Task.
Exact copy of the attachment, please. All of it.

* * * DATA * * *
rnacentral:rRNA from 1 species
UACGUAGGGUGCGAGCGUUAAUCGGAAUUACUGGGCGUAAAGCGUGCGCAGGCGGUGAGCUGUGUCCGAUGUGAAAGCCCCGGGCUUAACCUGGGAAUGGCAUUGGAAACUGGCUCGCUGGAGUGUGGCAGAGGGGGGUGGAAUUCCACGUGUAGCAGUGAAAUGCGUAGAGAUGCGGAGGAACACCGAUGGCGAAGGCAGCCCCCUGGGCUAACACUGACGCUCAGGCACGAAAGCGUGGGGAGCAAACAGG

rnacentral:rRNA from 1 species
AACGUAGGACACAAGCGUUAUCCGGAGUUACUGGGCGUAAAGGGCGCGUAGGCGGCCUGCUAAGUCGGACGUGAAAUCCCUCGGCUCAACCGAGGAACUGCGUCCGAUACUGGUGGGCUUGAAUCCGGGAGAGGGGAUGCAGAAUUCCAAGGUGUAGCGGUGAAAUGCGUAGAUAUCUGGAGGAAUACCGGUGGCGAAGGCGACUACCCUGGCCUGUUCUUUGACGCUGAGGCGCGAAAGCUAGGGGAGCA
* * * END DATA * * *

rnacentral:rRNA from 1 species
UACGUAGGGUGCGAGCGUUAAUCGGAAUUACUGGGCGUAAAGCGUGCGCAGGCGGUGAGCUGUGUCCGAUGUGAAAGCCCCGGGCUUAACCUGGGAAUGGCAUUGGAAACUGGCUCGCUGGAGUGUGGCAGAGGGGGGUGGAAUUCCACGUGUAGCAGUGAAAUGCGUAGAGAUGCGGAGGAACACCGAUGGCGAAGGCAGCCCCCUGGGCUAACACUGACGCUCAGGCACGAAAGCGUGGGGAGCAAACAGG

rnacentral:rRNA from 1 species
AACGUAGGACACAAGCGUUAUCCGGAGUUACUGGGCGUAAAGGGCGCGUAGGCGGCCUGCUAAGUCGGACGUGAAAUCCCUCGGCUCAACCGAGGAACUGCGUCCGAUACUGGUGGGCUUGAAUCCGGGAGAGGGGAUGCAGAAUUCCAAGGUGUAGCGGUGAAAUGCGUAGAUAUCUGGAGGAAUACCGGUGGCGAAGGCGACUACCCUGGCCUGUUCUUUGACGCUGAGGCGCGAAAGCUAGGGGAGCA